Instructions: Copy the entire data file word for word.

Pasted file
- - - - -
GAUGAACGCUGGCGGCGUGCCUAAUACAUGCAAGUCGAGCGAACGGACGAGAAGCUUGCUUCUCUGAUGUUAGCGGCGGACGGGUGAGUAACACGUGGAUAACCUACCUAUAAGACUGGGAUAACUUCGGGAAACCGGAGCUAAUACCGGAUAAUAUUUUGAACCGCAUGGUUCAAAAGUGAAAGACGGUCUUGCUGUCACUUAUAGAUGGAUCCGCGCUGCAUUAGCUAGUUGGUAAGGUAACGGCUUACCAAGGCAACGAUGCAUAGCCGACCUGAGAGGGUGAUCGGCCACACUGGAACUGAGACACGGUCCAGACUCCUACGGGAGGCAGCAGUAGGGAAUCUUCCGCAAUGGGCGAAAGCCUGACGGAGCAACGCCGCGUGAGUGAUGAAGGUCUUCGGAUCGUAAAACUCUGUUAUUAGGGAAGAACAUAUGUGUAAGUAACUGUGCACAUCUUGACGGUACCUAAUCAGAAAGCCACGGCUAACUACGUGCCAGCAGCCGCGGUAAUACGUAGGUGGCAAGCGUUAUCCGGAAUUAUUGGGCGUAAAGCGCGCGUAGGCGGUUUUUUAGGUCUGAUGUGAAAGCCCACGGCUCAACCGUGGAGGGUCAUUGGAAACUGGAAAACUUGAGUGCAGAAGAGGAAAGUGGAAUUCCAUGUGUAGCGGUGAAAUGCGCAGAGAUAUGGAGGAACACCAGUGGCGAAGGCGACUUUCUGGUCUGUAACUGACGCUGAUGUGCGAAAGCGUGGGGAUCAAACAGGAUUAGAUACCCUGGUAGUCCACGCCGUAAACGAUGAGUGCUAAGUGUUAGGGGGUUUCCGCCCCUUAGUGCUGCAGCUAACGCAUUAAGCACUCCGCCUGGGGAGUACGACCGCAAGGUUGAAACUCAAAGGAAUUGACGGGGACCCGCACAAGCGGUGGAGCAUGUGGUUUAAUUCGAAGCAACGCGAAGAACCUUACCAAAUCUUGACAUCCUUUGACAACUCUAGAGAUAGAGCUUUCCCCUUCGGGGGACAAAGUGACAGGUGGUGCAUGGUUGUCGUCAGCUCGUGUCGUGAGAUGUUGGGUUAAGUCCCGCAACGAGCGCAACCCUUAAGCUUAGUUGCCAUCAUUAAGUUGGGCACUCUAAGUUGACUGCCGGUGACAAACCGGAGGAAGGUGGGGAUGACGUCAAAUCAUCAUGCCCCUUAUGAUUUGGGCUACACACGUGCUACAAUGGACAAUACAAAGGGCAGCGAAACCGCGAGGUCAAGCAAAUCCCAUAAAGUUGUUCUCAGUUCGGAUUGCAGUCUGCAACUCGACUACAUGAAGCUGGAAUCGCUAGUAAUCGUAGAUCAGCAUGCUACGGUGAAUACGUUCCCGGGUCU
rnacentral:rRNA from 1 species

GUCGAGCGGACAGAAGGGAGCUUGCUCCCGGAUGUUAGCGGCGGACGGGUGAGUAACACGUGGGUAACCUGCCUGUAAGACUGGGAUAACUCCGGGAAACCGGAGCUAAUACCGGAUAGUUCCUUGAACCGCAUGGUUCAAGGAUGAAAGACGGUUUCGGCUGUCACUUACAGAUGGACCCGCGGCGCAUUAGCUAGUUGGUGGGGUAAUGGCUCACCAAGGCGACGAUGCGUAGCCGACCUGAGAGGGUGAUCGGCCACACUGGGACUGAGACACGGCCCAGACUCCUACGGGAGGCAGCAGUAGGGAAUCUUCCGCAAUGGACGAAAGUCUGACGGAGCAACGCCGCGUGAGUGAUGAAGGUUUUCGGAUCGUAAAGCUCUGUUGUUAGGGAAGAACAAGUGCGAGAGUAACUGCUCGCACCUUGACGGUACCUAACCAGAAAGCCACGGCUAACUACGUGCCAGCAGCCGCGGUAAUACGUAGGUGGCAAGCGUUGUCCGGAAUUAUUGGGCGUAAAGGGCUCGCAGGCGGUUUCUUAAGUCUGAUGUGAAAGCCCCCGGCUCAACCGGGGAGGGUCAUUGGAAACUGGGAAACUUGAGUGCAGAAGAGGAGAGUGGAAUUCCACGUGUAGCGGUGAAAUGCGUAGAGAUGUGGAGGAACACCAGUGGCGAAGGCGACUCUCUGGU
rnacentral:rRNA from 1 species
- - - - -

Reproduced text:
GAUGAACGCUGGCGGCGUGCCUAAUACAUGCAAGUCGAGCGAACGGACGAGAAGCUUGCUUCUCUGAUGUUAGCGGCGGACGGGUGAGUAACACGUGGAUAACCUACCUAUAAGACUGGGAUAACUUCGGGAAACCGGAGCUAAUACCGGAUAAUAUUUUGAACCGCAUGGUUCAAAAGUGAAAGACGGUCUUGCUGUCACUUAUAGAUGGAUCCGCGCUGCAUUAGCUAGUUGGUAAGGUAACGGCUUACCAAGGCAACGAUGCAUAGCCGACCUGAGAGGGUGAUCGGCCACACUGGAACUGAGACACGGUCCAGACUCCUACGGGAGGCAGCAGUAGGGAAUCUUCCGCAAUGGGCGAAAGCCUGACGGAGCAACGCCGCGUGAGUGAUGAAGGUCUUCGGAUCGUAAAACUCUGUUAUUAGGGAAGAACAUAUGUGUAAGUAACUGUGCACAUCUUGACGGUACCUAAUCAGAAAGCCACGGCUAACUACGUGCCAGCAGCCGCGGUAAUACGUAGGUGGCAAGCGUUAUCCGGAAUUAUUGGGCGUAAAGCGCGCGUAGGCGGUUUUUUAGGUCUGAUGUGAAAGCCCACGGCUCAACCGUGGAGGGUCAUUGGAAACUGGAAAACUUGAGUGCAGAAGAGGAAAGUGGAAUUCCAUGUGUAGCGGUGAAAUGCGCAGAGAUAUGGAGGAACACCAGUGGCGAAGGCGACUUUCUGGUCUGUAACUGACGCUGAUGUGCGAAAGCGUGGGGAUCAAACAGGAUUAGAUACCCUGGUAGUCCACGCCGUAAACGAUGAGUGCUAAGUGUUAGGGGGUUUCCGCCCCUUAGUGCUGCAGCUAACGCAUUAAGCACUCCGCCUGGGGAGUACGACCGCAAGGUUGAAACUCAAAGGAAUUGACGGGGACCCGCACAAGCGGUGGAGCAUGUGGUUUAAUUCGAAGCAACGCGAAGAACCUUACCAAAUCUUGACAUCCUUUGACAACUCUAGAGAUAGAGCUUUCCCCUUCGGGGGACAAAGUGACAGGUGGUGCAUGGUUGUCGUCAGCUCGUGUCGUGAGAUGUUGGGUUAAGUCCCGCAACGAGCGCAACCCUUAAGCUUAGUUGCCAUCAUUAAGUUGGGCACUCUAAGUUGACUGCCGGUGACAAACCGGAGGAAGGUGGGGAUGACGUCAAAUCAUCAUGCCCCUUAUGAUUUGGGCUACACACGUGCUACAAUGGACAAUACAAAGGGCAGCGAAACCGCGAGGUCAAGCAAAUCCCAUAAAGUUGUUCUCAGUUCGGAUUGCAGUCUGCAACUCGACUACAUGAAGCUGGAAUCGCUAGUAAUCGUAGAUCAGCAUGCUACGGUGAAUACGUUCCCGGGUCU
rnacentral:rRNA from 1 species

GUCGAGCGGACAGAAGGGAGCUUGCUCCCGGAUGUUAGCGGCGGACGGGUGAGUAACACGUGGGUAACCUGCCUGUAAGACUGGGAUAACUCCGGGAAACCGGAGCUAAUACCGGAUAGUUCCUUGAACCGCAUGGUUCAAGGAUGAAAGACGGUUUCGGCUGUCACUUACAGAUGGACCCGCGGCGCAUUAGCUAGUUGGUGGGGUAAUGGCUCACCAAGGCGACGAUGCGUAGCCGACCUGAGAGGGUGAUCGGCCACACUGGGACUGAGACACGGCCCAGACUCCUACGGGAGGCAGCAGUAGGGAAUCUUCCGCAAUGGACGAAAGUCUGACGGAGCAACGCCGCGUGAGUGAUGAAGGUUUUCGGAUCGUAAAGCUCUGUUGUUAGGGAAGAACAAGUGCGAGAGUAACUGCUCGCACCUUGACGGUACCUAACCAGAAAGCCACGGCUAACUACGUGCCAGCAGCCGCGGUAAUACGUAGGUGGCAAGCGUUGUCCGGAAUUAUUGGGCGUAAAGGGCUCGCAGGCGGUUUCUUAAGUCUGAUGUGAAAGCCCCCGGCUCAACCGGGGAGGGUCAUUGGAAACUGGGAAACUUGAGUGCAGAAGAGGAGAGUGGAAUUCCACGUGUAGCGGUGAAAUGCGUAGAGAUGUGGAGGAACACCAGUGGCGAAGGCGACUCUCUGGU
rnacentral:rRNA from 1 species